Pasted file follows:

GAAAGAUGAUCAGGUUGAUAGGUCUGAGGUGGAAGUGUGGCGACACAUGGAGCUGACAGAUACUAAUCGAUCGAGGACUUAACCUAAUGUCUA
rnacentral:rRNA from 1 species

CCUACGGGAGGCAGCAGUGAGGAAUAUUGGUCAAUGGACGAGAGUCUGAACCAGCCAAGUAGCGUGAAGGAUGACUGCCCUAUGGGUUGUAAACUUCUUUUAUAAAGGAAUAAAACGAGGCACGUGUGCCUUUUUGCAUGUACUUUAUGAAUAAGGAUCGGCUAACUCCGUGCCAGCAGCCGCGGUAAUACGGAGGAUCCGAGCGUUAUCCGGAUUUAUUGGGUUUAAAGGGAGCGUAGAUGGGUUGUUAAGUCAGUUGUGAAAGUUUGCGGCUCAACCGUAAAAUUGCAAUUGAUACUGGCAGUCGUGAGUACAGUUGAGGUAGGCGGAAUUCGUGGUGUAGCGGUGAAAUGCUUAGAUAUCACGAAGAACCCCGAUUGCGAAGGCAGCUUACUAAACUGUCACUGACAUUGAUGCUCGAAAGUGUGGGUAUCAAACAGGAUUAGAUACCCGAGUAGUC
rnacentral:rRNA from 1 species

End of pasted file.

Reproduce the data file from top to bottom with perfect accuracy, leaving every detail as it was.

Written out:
GAAAGAUGAUCAGGUUGAUAGGUCUGAGGUGGAAGUGUGGCGACACAUGGAGCUGACAGAUACUAAUCGAUCGAGGACUUAACCUAAUGUCUA
rnacentral:rRNA from 1 species

CCUACGGGAGGCAGCAGUGAGGAAUAUUGGUCAAUGGACGAGAGUCUGAACCAGCCAAGUAGCGUGAAGGAUGACUGCCCUAUGGGUUGUAAACUUCUUUUAUAAAGGAAUAAAACGAGGCACGUGUGCCUUUUUGCAUGUACUUUAUGAAUAAGGAUCGGCUAACUCCGUGCCAGCAGCCGCGGUAAUACGGAGGAUCCGAGCGUUAUCCGGAUUUAUUGGGUUUAAAGGGAGCGUAGAUGGGUUGUUAAGUCAGUUGUGAAAGUUUGCGGCUCAACCGUAAAAUUGCAAUUGAUACUGGCAGUCGUGAGUACAGUUGAGGUAGGCGGAAUUCGUGGUGUAGCGGUGAAAUGCUUAGAUAUCACGAAGAACCCCGAUUGCGAAGGCAGCUUACUAAACUGUCACUGACAUUGAUGCUCGAAAGUGUGGGUAUCAAACAGGAUUAGAUACCCGAGUAGUC
rnacentral:rRNA from 1 species